Types of Seagulls

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Seagulls, properly called gulls, can in fact range far inland.
Seagulls, properly called gulls, can in fact range far inland. (Image: Darkkong/iStock/Getty Images)

Anyone who has spent time at the beach recognizes seagulls as an indispensable element of the coastal experience. Although they may look virtually identical to the casual observer, at least 28 distinct types of gulls inhabit North America alone; these scavenging birds range in size from about 1 foot in length to 2 1/2 feet, and may also be distinguished on the basis of color.

California Gull

This medium-size seagull has an intriguing history. The state bird of Utah, it is credited with helping early Mormon settlers in the area fend off a veritable plague of crickets. Their bodies are almost entirely white, although they have some gray on their backs and wings. Their yellow beaks have a characteristic black ring around them close to the tip. They are found in wet inland areas of western North America such as marshes and lakes, and contrary to what their name suggests, they actually inhabit California only in the winter, following their seasonal migration.

Common Gull

The common gull forms three distinct geographical populations -- one in eastern Eurasia, another in western Eurasia and the third -- called the Mew gull -- in Alaska and western Canada. At 17 to 18 inches in length, these birds are smaller than most seagulls. They have short, tapered beaks with a greenish hue to their yellow color. Their feathers are chiefly white on their undersides and gray on their backs. Like most seagulls, they are omnivorous and seek out both living prey and nonliving sources of sustenance.

Ring-Billed Gull

Ring-billed gull range far and wide; their natural habitat spans much of both North and Central America, and they may be occasionally found in Europe as "vagrants." They are found on both U.S. and southern Canadian coasts as well as along the Great Lakes. In the winter they inhabit places as far south and overseas as Cuba and Hawaii. These are highly social gulls even at non-breeding times, and they regularly engage in playful activities such as dropping objects in flight and sweeping them back into possession before the objects can hit the ground. They are usually 18 to 22 inches long, and the ring that gives them their name lies at the tip of the beak.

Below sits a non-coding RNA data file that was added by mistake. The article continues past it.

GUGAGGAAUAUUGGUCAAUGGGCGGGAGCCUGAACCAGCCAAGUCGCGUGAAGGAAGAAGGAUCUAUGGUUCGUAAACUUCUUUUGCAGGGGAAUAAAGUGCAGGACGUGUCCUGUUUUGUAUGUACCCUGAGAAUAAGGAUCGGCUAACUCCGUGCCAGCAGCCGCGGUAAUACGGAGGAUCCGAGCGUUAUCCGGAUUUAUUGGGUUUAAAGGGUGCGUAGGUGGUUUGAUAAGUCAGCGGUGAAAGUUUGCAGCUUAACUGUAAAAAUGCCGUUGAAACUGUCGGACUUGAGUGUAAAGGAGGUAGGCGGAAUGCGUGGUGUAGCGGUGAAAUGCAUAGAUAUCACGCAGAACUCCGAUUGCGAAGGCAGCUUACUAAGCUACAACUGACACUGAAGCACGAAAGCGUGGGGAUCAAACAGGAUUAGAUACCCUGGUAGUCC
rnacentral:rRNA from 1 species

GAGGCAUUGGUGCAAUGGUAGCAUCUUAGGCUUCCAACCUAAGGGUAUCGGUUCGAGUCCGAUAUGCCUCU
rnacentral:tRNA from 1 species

Herring Gull

This unusually large gull, which reaches about 26 inches in length, is also versatile. It not only thrives in coastal areas of Asia, North America and western Europe, but has adapted to life in larger inland cities too. Some species are migratory, while others stand pat in the colder months, including those on the chilly Great Lakes. From a taxonomical standpoint, as many as eight or as few as two distinct species of herring gulls exist, depending on the ornithologist you consult. They have a characteristic pale ring of skin around each eye.

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